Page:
Today the idea of strategic partner alliances is a noticeable business trend across every category. The idea is simple: creating more work for everyone involved than they could create solely themselves. Microsoft and Hewlett Packard do it with IT resellers, and meeting planners do it with other planners and their suppliers.
These strategic partnerships take many forms, from informal cross-referrals, to formal corporations. Fundamentally, each partner brings a unique set of core competencies to the table that fill in areas where other partners may be lacking, expanding everyone’s ability to reach more customers and handle more diverse projects seamlessly.
These partnerships are generally more flexible and responsive than companies that outsource while presenting a pretense that the outsourced entity is “on staff.” Partnerships also eliminate the risk and overhead involved in hiring full-time employees that depend on a certain volume of work to turn a profit.
However, a single source for managing a project turnkey remains attractive for busy clients. Additionally, depending on the cohesiveness of the partnership, when work does come in, it can be challenging to determine which partner takes ownership or which project gets priority.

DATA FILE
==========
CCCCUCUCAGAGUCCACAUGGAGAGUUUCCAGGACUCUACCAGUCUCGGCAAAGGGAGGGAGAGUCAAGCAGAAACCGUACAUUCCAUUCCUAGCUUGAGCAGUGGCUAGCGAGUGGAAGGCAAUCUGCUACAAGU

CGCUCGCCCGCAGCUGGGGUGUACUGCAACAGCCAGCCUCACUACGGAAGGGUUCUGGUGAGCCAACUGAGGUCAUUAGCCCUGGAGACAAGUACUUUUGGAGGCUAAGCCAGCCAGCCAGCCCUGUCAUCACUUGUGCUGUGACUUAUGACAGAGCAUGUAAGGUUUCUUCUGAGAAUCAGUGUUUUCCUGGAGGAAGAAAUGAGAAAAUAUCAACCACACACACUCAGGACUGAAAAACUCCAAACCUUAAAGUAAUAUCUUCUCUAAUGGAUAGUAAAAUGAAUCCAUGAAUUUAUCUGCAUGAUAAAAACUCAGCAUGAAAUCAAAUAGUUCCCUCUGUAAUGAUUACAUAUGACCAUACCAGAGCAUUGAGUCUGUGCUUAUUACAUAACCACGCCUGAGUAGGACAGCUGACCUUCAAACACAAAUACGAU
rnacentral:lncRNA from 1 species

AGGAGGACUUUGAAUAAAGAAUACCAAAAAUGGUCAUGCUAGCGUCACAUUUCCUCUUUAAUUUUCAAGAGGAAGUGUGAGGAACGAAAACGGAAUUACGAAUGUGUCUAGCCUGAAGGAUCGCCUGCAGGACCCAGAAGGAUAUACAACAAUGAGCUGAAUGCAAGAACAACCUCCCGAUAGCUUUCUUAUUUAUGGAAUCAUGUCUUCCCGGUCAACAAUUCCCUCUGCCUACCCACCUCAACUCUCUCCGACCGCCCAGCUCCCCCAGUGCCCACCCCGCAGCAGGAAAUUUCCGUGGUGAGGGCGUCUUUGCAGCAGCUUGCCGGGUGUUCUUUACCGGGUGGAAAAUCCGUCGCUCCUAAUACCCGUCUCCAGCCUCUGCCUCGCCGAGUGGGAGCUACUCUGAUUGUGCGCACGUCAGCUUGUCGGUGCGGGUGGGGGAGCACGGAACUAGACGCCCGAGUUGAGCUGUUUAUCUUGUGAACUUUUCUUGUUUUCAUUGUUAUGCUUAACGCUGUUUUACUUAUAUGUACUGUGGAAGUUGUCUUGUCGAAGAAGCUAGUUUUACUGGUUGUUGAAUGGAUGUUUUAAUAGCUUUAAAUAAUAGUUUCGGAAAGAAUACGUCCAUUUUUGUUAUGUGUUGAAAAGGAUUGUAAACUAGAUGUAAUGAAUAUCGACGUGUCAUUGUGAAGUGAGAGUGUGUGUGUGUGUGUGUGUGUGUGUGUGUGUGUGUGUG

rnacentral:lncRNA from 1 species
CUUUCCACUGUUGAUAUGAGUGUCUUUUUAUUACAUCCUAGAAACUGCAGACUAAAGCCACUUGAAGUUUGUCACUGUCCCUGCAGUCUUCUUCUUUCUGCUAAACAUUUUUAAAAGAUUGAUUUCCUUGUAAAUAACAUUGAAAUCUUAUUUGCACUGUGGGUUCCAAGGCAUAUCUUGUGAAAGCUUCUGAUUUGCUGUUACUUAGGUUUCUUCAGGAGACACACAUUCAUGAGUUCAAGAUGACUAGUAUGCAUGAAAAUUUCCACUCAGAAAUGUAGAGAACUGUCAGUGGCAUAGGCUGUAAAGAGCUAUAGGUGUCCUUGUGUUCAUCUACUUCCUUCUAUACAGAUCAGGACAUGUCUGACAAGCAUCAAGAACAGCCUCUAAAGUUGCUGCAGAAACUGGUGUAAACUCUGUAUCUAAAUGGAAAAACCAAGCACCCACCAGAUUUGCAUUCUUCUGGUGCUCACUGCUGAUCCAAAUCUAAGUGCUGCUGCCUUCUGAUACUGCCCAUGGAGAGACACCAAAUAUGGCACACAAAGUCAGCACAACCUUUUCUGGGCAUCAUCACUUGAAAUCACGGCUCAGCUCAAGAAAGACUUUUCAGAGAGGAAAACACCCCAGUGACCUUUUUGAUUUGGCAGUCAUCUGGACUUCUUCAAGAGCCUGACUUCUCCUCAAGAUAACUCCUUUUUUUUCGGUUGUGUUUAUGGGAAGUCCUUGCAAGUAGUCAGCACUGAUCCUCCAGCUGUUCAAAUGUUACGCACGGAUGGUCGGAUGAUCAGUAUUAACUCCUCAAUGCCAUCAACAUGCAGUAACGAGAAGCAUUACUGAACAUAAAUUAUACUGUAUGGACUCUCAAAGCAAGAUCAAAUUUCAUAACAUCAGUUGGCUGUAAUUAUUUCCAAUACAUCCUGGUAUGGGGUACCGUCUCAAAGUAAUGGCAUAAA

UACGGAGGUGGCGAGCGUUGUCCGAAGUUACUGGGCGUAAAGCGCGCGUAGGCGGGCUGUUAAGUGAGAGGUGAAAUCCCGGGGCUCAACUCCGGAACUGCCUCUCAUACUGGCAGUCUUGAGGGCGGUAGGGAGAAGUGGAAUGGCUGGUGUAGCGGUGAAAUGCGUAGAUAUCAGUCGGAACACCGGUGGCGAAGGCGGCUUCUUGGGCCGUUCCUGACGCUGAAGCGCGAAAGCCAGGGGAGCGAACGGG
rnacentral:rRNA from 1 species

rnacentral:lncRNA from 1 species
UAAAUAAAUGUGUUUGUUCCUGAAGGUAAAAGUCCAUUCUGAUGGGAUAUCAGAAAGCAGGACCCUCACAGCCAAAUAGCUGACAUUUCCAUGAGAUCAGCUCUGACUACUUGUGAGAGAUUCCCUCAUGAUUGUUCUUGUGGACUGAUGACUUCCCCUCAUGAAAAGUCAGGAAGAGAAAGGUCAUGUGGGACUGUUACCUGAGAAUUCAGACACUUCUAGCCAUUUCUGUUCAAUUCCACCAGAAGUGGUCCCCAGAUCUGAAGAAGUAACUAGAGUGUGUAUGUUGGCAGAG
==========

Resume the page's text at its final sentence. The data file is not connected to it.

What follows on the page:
In fact, many partnerships don’t market themselves as partnerships at all. Instead, they have a network of “go-to” partners and resources when the opportunity arises. This approach can keep the true power of partnership (expanding the customer base exponentially) severely under utilized. When several entities decide partnership will help them grown more effectively than the solo track, there are several things they should definitely do to get the most out of this approach:
Partnership is a new normal approach to how business gets done. That doesn’t mean it’s right for everyone. For true success, enter into partnerships with careful consideration and clear direction.
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